cell_adjust str auto adjust of the values, one of: ['auto', 'left', 'center', 'right', 'compact', 'strict_left', 'strict_center', 'strict_right']
cell_spacing int 2 number of spaces to add to each side of a value
value_min_len int 1 minimal string length of a value. Shorter values will be space-padded
value_max_len int 9999 maximum string length of a value
value_too_long_policy str wrap handling of a string longer than value_max_len, one of: ['truncate', 'wrap']
value_newline_replace str None if set, replace newlines in string value with this
value_none_string str None string representation of the None value
value_escape_type str ignore handling of sep_vertical inside a value, one of: ['remove', 'replace', 'prefix', 'ignore']
value_escape_char str \ a string to replace or prefix sep_vertical, based on value_escape_type
value_func function None a function to pre-process the value before any other settings apply

The table above was generated by iterating on NiceTable.FORMATTING_SETTINGS and using the md layout:

from nicetable.nicetable import NiceTable

out = NiceTable(['Setting', 'Type', 'Default', 'Description'], layout='md')
for setting in NiceTable.FORMATTING_SETTINGS:
    out.append(setting)
print(out)

Column-level settings

The set_col_options() function sets allows you to set the following settings at the column-level:

Parameter Meaning
adjust overrides the table-wide cell_adjust
max_len overrides the table-wide value_max_len
newline_replace overrides the table-wide value_newline_replace
none_string overrides the table-wide value_none_string
func overrides the table-wide value_func

This function accepts either a column name or a column position for the first parameter. For example:

import json
from nicetable.nicetable import NiceTable

out = NiceTable(['Name', 'Type', 'Height(cm)', ' Weight(kg)'])
for pokemon in json.loads(NiceTable.SAMPLE_JSON):
    out.append([pokemon['name'], pokemon['type'], pokemon['height'], pokemon['weight']])

# set the first column options by position
out.set_col_options(0, adjust='center')

# set the second column options by column name
out.set_col_options('Type',
                    func=lambda x: x.lower() if x != 'Electric' else None,
                    none_string = 'N/A')
print(out)

Output:

+-------------+----------------+--------------+---------------+
|  Name       |  Type          |  Height(cm)  |   Weight(kg)  |
+-------------+----------------+--------------+---------------+
|  Bulbasaur  |  grass/poison  |          70  |        6.901  |
|   Pikachu   |  N/A           |          40  |        6.100  |
|    Mewtwo   |  psychic       |         200  |      122.000  |
+-------------+----------------+--------------+---------------+

Others

get_column(col)
returns a List of the column values.

Adding a custom layout

To add a custom layout based on the existing options, you can inherit from NiceTable and define your own layout function.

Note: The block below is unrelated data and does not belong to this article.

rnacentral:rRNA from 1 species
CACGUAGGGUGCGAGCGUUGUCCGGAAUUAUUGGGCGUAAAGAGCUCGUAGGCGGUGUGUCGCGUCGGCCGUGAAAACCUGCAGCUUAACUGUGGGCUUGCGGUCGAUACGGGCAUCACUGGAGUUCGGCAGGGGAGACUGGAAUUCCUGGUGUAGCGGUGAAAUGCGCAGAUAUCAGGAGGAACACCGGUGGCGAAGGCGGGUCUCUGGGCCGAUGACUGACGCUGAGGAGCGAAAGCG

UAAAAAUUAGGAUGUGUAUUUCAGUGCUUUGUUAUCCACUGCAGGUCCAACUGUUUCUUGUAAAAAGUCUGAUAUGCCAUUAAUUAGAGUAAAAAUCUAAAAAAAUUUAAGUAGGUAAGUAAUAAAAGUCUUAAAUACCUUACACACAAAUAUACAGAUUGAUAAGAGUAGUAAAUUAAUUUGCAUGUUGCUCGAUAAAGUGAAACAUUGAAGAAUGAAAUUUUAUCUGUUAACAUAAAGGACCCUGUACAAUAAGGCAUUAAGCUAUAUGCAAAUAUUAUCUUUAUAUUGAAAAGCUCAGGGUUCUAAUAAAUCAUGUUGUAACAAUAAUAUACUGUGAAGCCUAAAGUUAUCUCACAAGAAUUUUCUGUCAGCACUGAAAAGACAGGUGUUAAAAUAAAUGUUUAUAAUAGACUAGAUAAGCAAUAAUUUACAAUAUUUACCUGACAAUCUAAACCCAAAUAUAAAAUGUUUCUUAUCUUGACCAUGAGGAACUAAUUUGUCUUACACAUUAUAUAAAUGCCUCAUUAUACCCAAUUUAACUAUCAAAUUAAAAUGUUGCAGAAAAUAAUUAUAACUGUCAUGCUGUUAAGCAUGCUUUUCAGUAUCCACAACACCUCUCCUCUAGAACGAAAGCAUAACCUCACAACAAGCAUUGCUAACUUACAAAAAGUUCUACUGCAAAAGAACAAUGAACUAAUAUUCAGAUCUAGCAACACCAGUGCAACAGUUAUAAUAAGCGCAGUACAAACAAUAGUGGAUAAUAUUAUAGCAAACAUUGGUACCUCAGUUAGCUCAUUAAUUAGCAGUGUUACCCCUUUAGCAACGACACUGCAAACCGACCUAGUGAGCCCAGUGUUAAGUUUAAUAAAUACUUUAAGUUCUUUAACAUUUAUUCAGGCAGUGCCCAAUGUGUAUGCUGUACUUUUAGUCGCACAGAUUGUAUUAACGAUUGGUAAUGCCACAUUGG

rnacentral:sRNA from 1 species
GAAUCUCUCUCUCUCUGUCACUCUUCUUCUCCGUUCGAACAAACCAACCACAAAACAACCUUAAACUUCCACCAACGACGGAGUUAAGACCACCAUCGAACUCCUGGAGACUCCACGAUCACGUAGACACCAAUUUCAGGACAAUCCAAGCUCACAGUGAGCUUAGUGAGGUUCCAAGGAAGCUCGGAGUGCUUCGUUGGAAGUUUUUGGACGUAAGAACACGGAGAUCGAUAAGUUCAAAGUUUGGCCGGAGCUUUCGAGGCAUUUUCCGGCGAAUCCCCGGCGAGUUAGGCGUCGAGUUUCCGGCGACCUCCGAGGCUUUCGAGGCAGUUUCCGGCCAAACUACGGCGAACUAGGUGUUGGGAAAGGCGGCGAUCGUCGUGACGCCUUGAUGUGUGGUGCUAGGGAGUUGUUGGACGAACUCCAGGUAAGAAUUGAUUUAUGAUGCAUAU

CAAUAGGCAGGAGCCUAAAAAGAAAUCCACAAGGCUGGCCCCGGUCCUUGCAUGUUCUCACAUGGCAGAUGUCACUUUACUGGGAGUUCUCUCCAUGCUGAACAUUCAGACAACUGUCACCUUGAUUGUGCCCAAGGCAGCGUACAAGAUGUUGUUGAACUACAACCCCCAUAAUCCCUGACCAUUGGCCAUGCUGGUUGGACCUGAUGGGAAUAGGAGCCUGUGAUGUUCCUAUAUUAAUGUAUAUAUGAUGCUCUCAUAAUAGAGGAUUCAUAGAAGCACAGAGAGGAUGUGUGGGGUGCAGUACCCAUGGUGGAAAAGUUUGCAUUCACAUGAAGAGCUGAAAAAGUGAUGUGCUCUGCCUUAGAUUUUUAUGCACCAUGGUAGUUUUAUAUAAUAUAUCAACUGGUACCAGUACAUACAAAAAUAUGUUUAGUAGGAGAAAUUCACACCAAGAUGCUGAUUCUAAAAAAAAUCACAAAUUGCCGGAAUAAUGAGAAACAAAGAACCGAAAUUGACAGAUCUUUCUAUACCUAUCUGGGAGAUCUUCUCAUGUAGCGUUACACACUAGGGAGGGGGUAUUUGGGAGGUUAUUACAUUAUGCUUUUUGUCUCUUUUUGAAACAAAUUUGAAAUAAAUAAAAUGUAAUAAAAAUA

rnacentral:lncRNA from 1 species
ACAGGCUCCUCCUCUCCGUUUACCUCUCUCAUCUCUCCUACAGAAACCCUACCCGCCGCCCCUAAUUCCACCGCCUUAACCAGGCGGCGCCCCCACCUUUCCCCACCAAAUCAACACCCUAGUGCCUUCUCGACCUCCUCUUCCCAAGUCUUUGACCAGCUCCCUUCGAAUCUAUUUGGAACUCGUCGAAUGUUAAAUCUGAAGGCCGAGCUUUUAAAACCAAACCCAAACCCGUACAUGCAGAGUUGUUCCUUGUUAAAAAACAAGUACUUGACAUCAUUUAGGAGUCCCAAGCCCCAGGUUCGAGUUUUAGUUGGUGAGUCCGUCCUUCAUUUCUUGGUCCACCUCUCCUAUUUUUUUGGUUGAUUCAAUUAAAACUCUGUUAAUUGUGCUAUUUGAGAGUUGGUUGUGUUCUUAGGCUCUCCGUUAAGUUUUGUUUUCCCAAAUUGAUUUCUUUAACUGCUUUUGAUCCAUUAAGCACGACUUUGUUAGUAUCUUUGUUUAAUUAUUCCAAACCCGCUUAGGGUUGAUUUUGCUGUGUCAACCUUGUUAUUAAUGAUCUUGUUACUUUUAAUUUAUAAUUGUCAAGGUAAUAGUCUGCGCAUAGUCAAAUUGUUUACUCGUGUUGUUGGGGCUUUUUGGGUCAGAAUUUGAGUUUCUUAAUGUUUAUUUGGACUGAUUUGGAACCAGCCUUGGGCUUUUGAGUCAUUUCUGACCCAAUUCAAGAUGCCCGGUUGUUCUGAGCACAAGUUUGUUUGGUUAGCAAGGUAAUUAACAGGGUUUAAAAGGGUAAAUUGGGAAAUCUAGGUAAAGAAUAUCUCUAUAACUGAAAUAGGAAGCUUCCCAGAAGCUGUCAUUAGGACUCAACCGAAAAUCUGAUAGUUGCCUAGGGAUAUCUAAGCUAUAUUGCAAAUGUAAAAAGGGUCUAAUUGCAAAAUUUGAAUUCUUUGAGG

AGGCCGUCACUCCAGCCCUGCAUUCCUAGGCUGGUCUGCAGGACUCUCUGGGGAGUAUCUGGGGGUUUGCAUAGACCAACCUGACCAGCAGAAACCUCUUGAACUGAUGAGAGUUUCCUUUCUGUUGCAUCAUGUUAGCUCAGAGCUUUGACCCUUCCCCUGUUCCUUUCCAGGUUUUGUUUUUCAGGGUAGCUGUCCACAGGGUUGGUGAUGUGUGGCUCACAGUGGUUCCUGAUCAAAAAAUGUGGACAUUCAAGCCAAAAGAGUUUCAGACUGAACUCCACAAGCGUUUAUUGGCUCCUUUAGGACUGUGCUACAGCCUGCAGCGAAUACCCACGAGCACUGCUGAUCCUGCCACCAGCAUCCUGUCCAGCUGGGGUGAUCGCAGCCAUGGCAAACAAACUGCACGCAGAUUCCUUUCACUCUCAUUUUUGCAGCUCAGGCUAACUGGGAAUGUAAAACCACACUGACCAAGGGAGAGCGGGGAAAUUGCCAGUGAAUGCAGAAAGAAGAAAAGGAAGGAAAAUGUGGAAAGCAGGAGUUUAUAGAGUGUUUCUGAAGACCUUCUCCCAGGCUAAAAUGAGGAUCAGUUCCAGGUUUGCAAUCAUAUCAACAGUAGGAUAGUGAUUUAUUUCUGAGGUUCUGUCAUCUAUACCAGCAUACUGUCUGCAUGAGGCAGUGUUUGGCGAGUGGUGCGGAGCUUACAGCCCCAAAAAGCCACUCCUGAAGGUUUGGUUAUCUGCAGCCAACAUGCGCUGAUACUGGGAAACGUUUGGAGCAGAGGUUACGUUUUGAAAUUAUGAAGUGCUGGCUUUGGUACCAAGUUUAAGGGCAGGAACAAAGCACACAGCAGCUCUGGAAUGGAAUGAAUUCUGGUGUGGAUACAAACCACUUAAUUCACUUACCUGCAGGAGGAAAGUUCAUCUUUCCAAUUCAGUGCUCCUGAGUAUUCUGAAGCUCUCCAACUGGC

The description of your function will be incorporated in the builtin_layouts() output

from nicetable.nicetable import NiceTable

class MyNiceTable(NiceTable):
    def _layout_as_winter_columns(self) -> None:
        """Table with a winter-themed separator. Quite Ugly."""
        self.sep_vertical = '❄☂🌧☂❄'
        self.sep_cross = '❄☂🌧☂❄'
        self.sep_horizontal = 'ˣ'


out = MyNiceTable(['Layout', 'Description'], layout='winter_columns')
for layout in MyNiceTable.builtin_layouts():
    out.append(layout)
print(out)

Output:

❄☂🌧☂❄ˣˣˣˣˣˣˣˣˣˣˣˣˣˣˣˣˣˣ❄☂🌧☂❄ˣˣˣˣˣˣˣˣˣˣˣˣˣˣˣˣˣˣˣˣˣˣˣˣˣˣˣˣˣˣˣˣˣˣˣˣˣˣˣˣˣˣˣˣˣˣˣˣˣˣˣˣˣˣˣˣˣˣˣˣˣˣˣˣˣˣˣˣˣˣˣˣˣˣˣˣˣˣˣˣˣˣˣˣˣˣˣˣˣˣˣˣˣˣˣˣˣˣˣˣˣˣ❄☂🌧☂❄
❄☂🌧☂❄  Layout          ❄☂🌧☂❄  Description                                                                                         ❄☂🌧☂❄
❄☂🌧☂❄ˣˣˣˣˣˣˣˣˣˣˣˣˣˣˣˣˣˣ❄☂🌧☂❄ˣˣˣˣˣˣˣˣˣˣˣˣˣˣˣˣˣˣˣˣˣˣˣˣˣˣˣˣˣˣˣˣˣˣˣˣˣˣˣˣˣˣˣˣˣˣˣˣˣˣˣˣˣˣˣˣˣˣˣˣˣˣˣˣˣˣˣˣˣˣˣˣˣˣˣˣˣˣˣˣˣˣˣˣˣˣˣˣˣˣˣˣˣˣˣˣˣˣˣˣˣˣ❄☂🌧☂❄
❄☂🌧☂❄  csv             ❄☂🌧☂❄  comma-separated values with a one-line header.                                                      ❄☂🌧☂❄
❄☂🌧☂❄  default         ❄☂🌧☂❄  fixed-width table with data auto-alignment.                                                         ❄☂🌧☂❄
❄☂🌧☂❄  grep            ❄☂🌧☂❄  tab-separated values with no header. Great for CLI output, easily post-processed by cut, grep etc.  ❄☂🌧☂❄
❄☂🌧☂❄  md              ❄☂🌧☂❄  for tables inside Markdown(.md) files, using the GFM table extension. Ex: README.md on github.      ❄☂🌧☂❄
❄☂🌧☂❄  tsv             ❄☂🌧☂❄  tab-separated values with a one-line header.                                                        ❄☂🌧☂❄
❄☂🌧☂❄  winter_columns  ❄☂🌧☂❄  Table with a winter-themed separator. Quite Ugly.                                                   ❄☂🌧☂❄
❄☂🌧☂❄ˣˣˣˣˣˣˣˣˣˣˣˣˣˣˣˣˣˣ❄☂🌧☂❄ˣˣˣˣˣˣˣˣˣˣˣˣˣˣˣˣˣˣˣˣˣˣˣˣˣˣˣˣˣˣˣˣˣˣˣˣˣˣˣˣˣˣˣˣˣˣˣˣˣˣˣˣˣˣˣˣˣˣˣˣˣˣˣˣˣˣˣˣˣˣˣˣˣˣˣˣˣˣˣˣˣˣˣˣˣˣˣˣˣˣˣˣˣˣˣˣˣˣˣˣˣˣ❄☂🌧☂❄

As you can see, the new layout and its description were added the output of builtin_layouts() of the new class.